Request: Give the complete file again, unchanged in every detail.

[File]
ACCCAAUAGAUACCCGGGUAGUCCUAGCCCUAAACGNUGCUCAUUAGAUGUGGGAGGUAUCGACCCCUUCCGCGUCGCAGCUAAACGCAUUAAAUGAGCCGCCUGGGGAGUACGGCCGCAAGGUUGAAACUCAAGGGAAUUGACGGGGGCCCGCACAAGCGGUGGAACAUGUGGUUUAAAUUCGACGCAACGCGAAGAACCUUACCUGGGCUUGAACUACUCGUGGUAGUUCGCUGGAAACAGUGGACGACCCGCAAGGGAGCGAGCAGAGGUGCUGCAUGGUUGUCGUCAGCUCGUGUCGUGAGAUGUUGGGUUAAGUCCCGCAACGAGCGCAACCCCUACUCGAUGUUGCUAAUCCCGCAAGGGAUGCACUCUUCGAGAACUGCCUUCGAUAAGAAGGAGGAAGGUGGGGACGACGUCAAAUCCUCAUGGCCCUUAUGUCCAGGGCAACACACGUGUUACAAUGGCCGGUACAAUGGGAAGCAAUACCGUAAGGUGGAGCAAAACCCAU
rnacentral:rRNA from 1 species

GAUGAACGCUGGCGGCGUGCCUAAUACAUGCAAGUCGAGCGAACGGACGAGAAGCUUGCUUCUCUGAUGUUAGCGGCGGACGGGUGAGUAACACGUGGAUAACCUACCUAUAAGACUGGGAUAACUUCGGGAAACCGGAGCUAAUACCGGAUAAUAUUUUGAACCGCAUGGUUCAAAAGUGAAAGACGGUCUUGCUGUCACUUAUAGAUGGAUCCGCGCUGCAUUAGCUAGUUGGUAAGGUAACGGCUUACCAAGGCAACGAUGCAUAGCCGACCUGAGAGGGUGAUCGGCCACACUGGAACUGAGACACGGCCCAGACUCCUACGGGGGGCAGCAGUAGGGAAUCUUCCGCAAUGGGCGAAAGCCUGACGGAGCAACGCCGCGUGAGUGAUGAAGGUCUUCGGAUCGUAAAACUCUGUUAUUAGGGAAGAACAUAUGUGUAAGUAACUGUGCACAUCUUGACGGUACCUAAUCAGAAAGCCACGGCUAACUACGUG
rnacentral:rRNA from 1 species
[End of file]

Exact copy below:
ACCCAAUAGAUACCCGGGUAGUCCUAGCCCUAAACGNUGCUCAUUAGAUGUGGGAGGUAUCGACCCCUUCCGCGUCGCAGCUAAACGCAUUAAAUGAGCCGCCUGGGGAGUACGGCCGCAAGGUUGAAACUCAAGGGAAUUGACGGGGGCCCGCACAAGCGGUGGAACAUGUGGUUUAAAUUCGACGCAACGCGAAGAACCUUACCUGGGCUUGAACUACUCGUGGUAGUUCGCUGGAAACAGUGGACGACCCGCAAGGGAGCGAGCAGAGGUGCUGCAUGGUUGUCGUCAGCUCGUGUCGUGAGAUGUUGGGUUAAGUCCCGCAACGAGCGCAACCCCUACUCGAUGUUGCUAAUCCCGCAAGGGAUGCACUCUUCGAGAACUGCCUUCGAUAAGAAGGAGGAAGGUGGGGACGACGUCAAAUCCUCAUGGCCCUUAUGUCCAGGGCAACACACGUGUUACAAUGGCCGGUACAAUGGGAAGCAAUACCGUAAGGUGGAGCAAAACCCAU
rnacentral:rRNA from 1 species

GAUGAACGCUGGCGGCGUGCCUAAUACAUGCAAGUCGAGCGAACGGACGAGAAGCUUGCUUCUCUGAUGUUAGCGGCGGACGGGUGAGUAACACGUGGAUAACCUACCUAUAAGACUGGGAUAACUUCGGGAAACCGGAGCUAAUACCGGAUAAUAUUUUGAACCGCAUGGUUCAAAAGUGAAAGACGGUCUUGCUGUCACUUAUAGAUGGAUCCGCGCUGCAUUAGCUAGUUGGUAAGGUAACGGCUUACCAAGGCAACGAUGCAUAGCCGACCUGAGAGGGUGAUCGGCCACACUGGAACUGAGACACGGCCCAGACUCCUACGGGGGGCAGCAGUAGGGAAUCUUCCGCAAUGGGCGAAAGCCUGACGGAGCAACGCCGCGUGAGUGAUGAAGGUCUUCGGAUCGUAAAACUCUGUUAUUAGGGAAGAACAUAUGUGUAAGUAACUGUGCACAUCUUGACGGUACCUAAUCAGAAAGCCACGGCUAACUACGUG
rnacentral:rRNA from 1 species